Llewellyn's Magical Almanac has always been a useful tool for getting brief (and usually intriguing) glimpses into different cultures, myths, spell work, ancient symbols, plants, as well as the day to day almanac section that gives the reader information about Moon phases, celebration days, color and other magickal correspondences. In 2007 Llewellyn changed the format of its almanac from seasonal sections to elemental sections, a change they continued in 2008. 

Earth Magick:
We start with a (very nice) meditation on the Earth in winter time, and the creation of an earth altar. (Probably better done in the Spring, unless you live in a warmer climate than I!) Dogs and the Goddess Cerridwen (there’s another article about dogs as familiars a little later), overcoming a fear of driving, the Ayurveda -- the philosophy of the Vedas (the oldest layer of Sanskrit and an ancient Hindu text). Various spell workings and lore, including Appalachian folk magic, jade, public rituals, show magic, and labyrinths.

Air Magick:
Another lovely meditation on Air opens this section. Divination with pendulums, madness, Diana Rajchel’s article on technomagick is especially good, truck magick, finding your familiar or patron/ness, rune work, fairy godmothers, a nice article about dragonflies, creating a magical community event, lore about Pegasus, suspension magic and (presumably for the Southern Hemisphere readers) a Samhain working to connect with your ancestors.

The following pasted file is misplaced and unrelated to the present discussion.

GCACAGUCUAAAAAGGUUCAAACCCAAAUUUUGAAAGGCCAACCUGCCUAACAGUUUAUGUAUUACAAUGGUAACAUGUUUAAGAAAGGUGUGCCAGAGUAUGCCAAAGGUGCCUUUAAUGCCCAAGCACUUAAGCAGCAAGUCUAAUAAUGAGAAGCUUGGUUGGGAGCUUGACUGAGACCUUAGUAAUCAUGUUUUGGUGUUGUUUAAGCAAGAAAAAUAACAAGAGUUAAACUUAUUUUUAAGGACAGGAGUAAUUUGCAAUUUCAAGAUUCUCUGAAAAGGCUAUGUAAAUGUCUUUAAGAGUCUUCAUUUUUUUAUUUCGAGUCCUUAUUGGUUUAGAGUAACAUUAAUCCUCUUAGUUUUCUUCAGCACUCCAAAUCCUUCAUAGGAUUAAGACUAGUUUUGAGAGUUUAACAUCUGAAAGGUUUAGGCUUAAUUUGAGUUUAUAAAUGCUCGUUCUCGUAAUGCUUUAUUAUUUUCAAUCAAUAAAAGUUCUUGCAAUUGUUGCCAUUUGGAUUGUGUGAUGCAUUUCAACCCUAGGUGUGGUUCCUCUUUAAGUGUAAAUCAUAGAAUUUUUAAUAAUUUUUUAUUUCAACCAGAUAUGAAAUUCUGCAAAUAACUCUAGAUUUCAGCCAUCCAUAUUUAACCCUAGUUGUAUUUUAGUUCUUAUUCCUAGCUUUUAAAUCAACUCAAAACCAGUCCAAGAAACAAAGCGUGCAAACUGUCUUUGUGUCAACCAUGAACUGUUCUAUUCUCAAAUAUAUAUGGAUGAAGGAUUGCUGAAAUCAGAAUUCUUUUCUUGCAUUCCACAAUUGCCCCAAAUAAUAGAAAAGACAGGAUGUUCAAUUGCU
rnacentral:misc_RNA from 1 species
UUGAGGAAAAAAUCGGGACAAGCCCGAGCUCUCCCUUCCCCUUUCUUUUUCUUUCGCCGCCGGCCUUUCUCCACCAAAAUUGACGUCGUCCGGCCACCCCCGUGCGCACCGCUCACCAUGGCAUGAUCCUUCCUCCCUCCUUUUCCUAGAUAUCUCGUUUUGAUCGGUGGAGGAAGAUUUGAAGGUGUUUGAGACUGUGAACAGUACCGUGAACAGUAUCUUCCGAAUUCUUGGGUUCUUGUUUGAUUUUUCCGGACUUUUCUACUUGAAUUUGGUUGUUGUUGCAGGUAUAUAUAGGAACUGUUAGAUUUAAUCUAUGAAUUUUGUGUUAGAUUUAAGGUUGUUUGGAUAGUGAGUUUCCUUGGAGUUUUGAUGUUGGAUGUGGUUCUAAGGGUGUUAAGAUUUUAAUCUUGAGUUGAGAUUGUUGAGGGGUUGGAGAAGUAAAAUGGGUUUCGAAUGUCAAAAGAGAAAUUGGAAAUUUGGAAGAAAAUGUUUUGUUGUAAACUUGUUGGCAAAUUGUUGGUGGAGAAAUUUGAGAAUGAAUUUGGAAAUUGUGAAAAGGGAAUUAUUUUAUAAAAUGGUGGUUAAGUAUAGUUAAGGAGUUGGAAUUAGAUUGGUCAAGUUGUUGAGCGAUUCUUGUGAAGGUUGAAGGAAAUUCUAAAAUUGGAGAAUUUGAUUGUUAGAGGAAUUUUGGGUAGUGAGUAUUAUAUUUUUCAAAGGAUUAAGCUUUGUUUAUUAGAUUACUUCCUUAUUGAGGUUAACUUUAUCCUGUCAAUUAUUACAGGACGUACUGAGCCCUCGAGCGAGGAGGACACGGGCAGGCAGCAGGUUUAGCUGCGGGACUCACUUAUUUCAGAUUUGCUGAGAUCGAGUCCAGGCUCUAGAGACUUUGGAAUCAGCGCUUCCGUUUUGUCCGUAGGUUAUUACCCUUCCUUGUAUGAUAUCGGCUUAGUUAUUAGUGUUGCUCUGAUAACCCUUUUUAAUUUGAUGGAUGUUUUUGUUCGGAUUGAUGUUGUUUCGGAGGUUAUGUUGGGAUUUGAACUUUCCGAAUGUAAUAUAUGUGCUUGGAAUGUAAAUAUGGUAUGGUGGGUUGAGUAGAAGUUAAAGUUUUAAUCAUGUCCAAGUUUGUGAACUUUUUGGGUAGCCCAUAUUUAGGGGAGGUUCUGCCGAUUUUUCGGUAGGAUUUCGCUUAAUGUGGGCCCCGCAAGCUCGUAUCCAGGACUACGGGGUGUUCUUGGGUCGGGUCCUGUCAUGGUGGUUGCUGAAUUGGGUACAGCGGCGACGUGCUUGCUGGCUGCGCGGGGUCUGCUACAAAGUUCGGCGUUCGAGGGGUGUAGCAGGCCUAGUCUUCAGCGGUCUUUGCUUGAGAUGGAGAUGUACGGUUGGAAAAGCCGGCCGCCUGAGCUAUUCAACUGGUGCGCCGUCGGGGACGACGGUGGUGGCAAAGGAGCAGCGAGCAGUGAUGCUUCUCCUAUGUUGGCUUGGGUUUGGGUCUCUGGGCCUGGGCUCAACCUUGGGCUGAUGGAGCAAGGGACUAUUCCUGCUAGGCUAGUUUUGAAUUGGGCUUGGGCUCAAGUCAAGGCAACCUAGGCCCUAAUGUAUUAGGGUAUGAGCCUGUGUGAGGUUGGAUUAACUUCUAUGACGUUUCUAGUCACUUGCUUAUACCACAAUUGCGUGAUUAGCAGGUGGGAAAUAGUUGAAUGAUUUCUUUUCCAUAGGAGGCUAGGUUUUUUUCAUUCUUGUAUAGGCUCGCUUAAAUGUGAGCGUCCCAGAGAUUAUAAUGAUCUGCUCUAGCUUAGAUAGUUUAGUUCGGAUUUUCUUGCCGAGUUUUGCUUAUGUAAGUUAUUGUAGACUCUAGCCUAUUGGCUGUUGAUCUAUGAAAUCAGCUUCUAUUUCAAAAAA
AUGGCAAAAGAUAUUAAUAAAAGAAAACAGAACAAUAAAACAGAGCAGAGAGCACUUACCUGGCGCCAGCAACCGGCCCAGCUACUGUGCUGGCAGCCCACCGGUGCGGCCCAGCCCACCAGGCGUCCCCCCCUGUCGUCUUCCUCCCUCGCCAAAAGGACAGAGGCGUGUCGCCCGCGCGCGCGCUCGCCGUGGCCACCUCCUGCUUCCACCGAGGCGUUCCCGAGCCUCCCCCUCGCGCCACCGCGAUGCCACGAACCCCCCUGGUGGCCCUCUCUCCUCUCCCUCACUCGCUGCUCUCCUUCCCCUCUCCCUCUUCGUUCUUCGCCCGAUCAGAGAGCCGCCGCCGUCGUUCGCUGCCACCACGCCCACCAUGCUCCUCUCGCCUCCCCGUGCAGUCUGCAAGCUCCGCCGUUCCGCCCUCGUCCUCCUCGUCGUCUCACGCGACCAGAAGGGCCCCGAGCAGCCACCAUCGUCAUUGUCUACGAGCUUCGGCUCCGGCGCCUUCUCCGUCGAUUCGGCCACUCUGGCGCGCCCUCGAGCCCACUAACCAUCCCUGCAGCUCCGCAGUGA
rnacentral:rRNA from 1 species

At this point we encounter the almanac, a 58-page calendar with moon phase and zodiac correspondence, recommended daily incense, ‘holidays’ (often a bit obscure, like Rizdvo, a Ukranian holiday on January 7th, or the French ‘Feast of the Ass’ on January 14th), and color correspondences. Scattered throughout are short (1/2 page) articles about fairies of the world.

Fire Magick:
The opening meditation on fire is evocative and powerful (I’m looking forward to doing it this summer.) Articles about Brighid, charms, and magickal laws follow. Articles about altars and witch bottles seem a little out of place (they would have been better in the Earth and Air sections, I feel), as does the article about music in ritual. However, the articles about magickal body art and creating a diet using magic are excellent. Other article topics in this section include Pandora, evolution, using a sunstone in your spell work, busting a bully, mail magick, and Halloween hocus pocus.

Water Magick:
The final elemental meditation works with water’s connection to the creation of life. Of special interest in this section is Elizabeth Barrette’s article on using magic in an emergency situation – a perspective I hadn’t thought could be possible. We also learn about the god Hapi, the goddess Artemis, and the various gods of sleep. Other articles about the appeal of caffeine and nicotine and their dangers, First Nation flood stories, apples, magickal DNA and DNA dowsing, regaining balance, henna, blessings, and magical anchors. There is also a moving meditation on Death.

The almanacs are one of Llewellyn’s most successful offerings – each year is a smorgasbord of interesting and often unusual information. Highly recommended.


~review by Lisa Mc Sherry

Authors: various

Llewellyn Publications, 2007

pp. 380, $8.99